Weekend Review: The Bucolic Plague by Josh Kilmer-Purcell
This was an incredibly enjoyable and quick read, but I'm finding that I'm having a hard time putting it into some sort of context. In the "city-folk-turned-country-living" sub-genre of memoirs, the goal is generally along the lines of self sufficiency or frugal living. This is not the case in The Bucolic Plague: How two Manhattanites became gentlemen farmers. In it, Josh Kilmer-Purcell tells us about how he and his partner Brent stumbled upon a million dollar historical mansion on 60 acres in the middle-of-nowhere-upstate-New-York, purchased it as their weekend home (living in Manhattan during the week), and the follies of their first year in this situation. As two individuals, each with six figure incomes, this is not an outline of a lifestyle that most people can emulate, but they never pretend that it is. Kilmer-Purcell is very aware that their situation is unique and he is just trying to share his story, which just happens to be incredibly funny, honest, and relatable.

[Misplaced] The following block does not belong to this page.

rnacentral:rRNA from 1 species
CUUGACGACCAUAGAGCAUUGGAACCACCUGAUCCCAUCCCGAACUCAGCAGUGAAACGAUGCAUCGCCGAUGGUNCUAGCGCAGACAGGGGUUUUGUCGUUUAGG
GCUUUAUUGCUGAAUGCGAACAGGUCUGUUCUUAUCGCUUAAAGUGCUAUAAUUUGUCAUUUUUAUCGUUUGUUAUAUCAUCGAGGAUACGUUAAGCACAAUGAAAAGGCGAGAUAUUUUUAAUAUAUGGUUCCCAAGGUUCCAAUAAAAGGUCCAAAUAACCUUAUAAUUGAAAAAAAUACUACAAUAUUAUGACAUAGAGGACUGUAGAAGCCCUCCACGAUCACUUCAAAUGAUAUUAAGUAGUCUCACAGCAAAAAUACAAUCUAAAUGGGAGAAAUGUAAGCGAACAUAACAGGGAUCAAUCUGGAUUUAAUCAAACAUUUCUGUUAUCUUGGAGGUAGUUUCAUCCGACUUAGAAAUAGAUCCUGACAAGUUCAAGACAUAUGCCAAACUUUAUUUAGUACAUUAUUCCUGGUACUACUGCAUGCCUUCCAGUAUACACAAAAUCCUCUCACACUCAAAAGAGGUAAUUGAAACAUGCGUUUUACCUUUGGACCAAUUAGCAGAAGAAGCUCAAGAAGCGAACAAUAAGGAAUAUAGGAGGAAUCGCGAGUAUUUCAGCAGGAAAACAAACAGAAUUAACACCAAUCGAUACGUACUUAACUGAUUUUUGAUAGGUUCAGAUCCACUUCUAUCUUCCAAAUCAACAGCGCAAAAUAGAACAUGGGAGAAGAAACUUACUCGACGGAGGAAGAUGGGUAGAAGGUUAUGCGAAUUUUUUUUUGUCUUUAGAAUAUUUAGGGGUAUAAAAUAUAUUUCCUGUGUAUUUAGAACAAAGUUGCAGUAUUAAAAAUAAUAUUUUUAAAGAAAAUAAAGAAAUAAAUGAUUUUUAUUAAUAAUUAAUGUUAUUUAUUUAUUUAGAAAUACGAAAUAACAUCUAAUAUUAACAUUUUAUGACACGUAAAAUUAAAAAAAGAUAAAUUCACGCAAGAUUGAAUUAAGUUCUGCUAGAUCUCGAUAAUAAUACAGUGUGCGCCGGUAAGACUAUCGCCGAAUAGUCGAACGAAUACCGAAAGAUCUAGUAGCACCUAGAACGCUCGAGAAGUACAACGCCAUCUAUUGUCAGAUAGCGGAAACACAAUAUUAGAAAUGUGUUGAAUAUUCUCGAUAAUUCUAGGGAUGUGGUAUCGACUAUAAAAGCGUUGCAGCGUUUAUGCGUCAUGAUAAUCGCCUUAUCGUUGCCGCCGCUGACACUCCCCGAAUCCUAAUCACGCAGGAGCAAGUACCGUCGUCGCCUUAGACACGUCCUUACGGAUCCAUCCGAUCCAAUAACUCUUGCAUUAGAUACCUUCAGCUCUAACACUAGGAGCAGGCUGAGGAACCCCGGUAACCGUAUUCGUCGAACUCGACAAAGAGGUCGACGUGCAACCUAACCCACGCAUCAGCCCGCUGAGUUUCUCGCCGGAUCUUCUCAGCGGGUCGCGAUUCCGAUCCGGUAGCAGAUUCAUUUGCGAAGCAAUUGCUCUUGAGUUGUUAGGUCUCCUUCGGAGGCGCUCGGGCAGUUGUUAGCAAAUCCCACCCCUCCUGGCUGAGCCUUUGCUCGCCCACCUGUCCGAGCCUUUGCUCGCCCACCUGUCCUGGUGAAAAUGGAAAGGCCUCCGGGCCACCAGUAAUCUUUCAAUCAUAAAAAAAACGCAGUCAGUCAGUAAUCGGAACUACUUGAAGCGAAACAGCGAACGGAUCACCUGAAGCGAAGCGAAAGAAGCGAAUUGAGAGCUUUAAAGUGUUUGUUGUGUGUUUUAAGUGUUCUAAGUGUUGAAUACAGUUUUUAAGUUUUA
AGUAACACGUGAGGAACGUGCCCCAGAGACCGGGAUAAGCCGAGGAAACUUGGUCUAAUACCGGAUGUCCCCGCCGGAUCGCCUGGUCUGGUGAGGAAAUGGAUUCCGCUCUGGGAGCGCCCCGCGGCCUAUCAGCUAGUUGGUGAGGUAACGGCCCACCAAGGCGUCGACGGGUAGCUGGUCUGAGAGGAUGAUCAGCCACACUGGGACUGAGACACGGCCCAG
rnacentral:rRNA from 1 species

During the week, Josh works in advertising and Brent works for Martha Stewart Omnimedia, but on the weekends they travel 4 hours north to their weekend home where they garden, help to keep goats, and generally enjoy country living. For Josh, this is an opportunity to return to his Midwestern upbringing and on New Year's Eve he reveals his resolution to find a way to live full time at their farm. Cashing in on their New York connections, the pair start a mail order artisanal soap business. To support this venture, they build a lifestyle website featuring tutorials, blog posts about the farm, and guest writings by the locals. But as their weekends become more and more work and less enjoyable, their relationship begins to suffer and all seems to be lost when they both face financial crisis in the economic downturn.
I liked this couple and I was rooting for them the entire time. It's not the bumbling city boys in the country story that one might assume it to be (although there are moments when other people come to visit and they do bumble), but it's also not a how-to manual for simple living (although it provides plenty of inspiration for undertaking things like gardening and home food preservation). It is a story of love of people and of place, of honest living and building a community, of reaching out and finally finding home.